Describe how the Early Years practitioner provides opportunities for sustained shared thinking to support children’s emergent mathematical development

Qualification: NCFE CACHE Level 3 Diploma for the Early Years Educator
Unit: Unit 3.6: Develop emergent mathematical skills of children
Learning outcome: Understand the role of the Early Years practitioner in relation to supporting children’s emergent mathematical development
Assessment criteria: Describe how the Early Years practitioner provides opportunities for sustained shared thinking to support children’s emergent mathematical development

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Early years practitioners play an important role in supporting young children’s mathematical development. This blog post will focus on how early years practitioners provide opportunities for sustained shared thinking to support emergent mathematical development.

Sustained shared thinking, or “talk”, is an essential component of learning mathematics. It refers to a process where two or more people interact and share ideas in order to explore and develop understanding. This type of interaction is particularly important in the early stages of mathematical development as it allows children to exchange ideas, ask questions, and build upon each other’s thoughts.

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The role of the early years practitioner is to create a supportive environment where sustained shared thinking can take place. This may include setting up activities that encourage talk between children, such as counting games or problem-solving tasks. Additionally, the practitioner should be actively involved in the talk process by asking open-ended questions that promote dialogue and engage multiple perspectives. Asking questions such as “How do you think this works?” or “What do you think will happen next?” can help foster creative thought and spark further discussion among the children.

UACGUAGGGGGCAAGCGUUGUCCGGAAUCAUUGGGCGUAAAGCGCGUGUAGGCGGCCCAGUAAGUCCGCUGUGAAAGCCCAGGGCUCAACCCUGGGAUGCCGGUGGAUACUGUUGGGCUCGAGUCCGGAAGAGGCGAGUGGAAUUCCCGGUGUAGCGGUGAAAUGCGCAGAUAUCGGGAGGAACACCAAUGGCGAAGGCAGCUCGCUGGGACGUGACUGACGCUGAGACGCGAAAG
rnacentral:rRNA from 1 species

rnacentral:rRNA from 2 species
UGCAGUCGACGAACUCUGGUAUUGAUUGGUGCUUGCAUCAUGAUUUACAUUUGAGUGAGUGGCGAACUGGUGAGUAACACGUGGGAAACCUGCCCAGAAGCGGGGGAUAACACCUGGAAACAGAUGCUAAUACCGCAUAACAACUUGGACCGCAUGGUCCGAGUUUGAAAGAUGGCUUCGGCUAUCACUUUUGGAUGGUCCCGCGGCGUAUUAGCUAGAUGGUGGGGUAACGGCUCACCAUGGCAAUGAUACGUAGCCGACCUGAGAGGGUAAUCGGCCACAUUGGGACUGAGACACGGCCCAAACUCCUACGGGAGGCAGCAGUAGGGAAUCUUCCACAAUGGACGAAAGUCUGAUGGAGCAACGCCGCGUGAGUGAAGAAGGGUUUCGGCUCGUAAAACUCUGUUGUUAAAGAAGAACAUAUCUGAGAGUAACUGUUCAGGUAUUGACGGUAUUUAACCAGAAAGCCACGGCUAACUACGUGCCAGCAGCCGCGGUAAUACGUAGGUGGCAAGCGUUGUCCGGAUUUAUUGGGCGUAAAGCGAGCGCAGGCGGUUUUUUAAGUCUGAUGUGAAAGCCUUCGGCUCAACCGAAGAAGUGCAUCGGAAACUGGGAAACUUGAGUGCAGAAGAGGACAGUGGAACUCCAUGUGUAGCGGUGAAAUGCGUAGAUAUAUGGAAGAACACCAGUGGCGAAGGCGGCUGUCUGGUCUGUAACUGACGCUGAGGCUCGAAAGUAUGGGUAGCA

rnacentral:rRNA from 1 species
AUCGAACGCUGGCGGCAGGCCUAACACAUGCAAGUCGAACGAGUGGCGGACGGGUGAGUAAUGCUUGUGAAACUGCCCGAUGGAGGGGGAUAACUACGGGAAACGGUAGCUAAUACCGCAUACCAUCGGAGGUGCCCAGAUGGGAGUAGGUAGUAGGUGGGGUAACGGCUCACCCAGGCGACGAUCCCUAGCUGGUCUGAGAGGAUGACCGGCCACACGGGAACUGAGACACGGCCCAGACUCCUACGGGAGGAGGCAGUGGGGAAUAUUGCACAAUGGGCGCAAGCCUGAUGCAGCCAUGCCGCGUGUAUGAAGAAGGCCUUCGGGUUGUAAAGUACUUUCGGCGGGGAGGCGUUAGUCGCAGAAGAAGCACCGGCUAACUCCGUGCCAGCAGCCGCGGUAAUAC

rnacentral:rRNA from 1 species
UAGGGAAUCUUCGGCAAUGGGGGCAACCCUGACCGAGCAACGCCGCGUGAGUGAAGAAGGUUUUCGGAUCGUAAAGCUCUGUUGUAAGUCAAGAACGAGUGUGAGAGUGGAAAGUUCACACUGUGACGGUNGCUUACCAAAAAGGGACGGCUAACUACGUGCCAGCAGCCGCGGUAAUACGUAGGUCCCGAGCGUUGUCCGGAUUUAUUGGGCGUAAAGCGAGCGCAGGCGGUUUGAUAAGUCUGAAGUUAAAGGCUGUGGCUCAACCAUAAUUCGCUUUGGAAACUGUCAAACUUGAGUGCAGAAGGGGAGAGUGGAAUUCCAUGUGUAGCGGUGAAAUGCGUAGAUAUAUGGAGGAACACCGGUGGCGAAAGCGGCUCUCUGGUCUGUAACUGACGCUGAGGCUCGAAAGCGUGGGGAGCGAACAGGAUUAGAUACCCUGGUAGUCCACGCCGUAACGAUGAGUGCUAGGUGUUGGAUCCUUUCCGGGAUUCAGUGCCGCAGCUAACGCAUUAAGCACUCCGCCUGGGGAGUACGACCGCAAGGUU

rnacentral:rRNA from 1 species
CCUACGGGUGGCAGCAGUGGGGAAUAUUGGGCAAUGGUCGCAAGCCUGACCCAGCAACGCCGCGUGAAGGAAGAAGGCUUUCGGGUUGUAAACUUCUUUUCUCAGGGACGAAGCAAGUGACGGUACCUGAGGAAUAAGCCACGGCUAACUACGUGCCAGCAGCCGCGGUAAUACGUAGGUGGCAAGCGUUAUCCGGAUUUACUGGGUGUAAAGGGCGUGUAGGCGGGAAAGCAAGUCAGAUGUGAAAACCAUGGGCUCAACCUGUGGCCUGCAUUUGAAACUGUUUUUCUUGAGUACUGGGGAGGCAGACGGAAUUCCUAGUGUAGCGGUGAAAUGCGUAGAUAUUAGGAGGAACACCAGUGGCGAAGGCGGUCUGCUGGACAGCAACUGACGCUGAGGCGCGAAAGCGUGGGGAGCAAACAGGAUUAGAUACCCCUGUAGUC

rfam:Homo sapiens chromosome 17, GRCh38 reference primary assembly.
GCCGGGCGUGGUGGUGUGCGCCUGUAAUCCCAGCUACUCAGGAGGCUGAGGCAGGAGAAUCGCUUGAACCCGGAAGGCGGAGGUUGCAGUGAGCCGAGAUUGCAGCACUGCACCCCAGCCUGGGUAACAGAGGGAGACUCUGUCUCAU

Another way for early years practitioners to support sustained shared thinking is by providing feedback which promotes deeper understanding. For example, when a child makes a mistake during a math activity, instead of simply correcting them, the practitioner could ask the child what they think went wrong and how they could make it better next time. This encourages critical reflection and helps children develop problem-solving skills which are essential for successful math learning.

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In conclusion, creating opportunities for sustained shared thinking is crucial for young children’s emergent mathematical development. Early years practitioners have an important role to play in this process by designing activities that promote dialogue between children, engaging with them through questioning, and providing feedback that encourages deeper understanding. Ultimately, this type of interactive learning environment will help lay the foundation for future success in mathematics skills and beyond!

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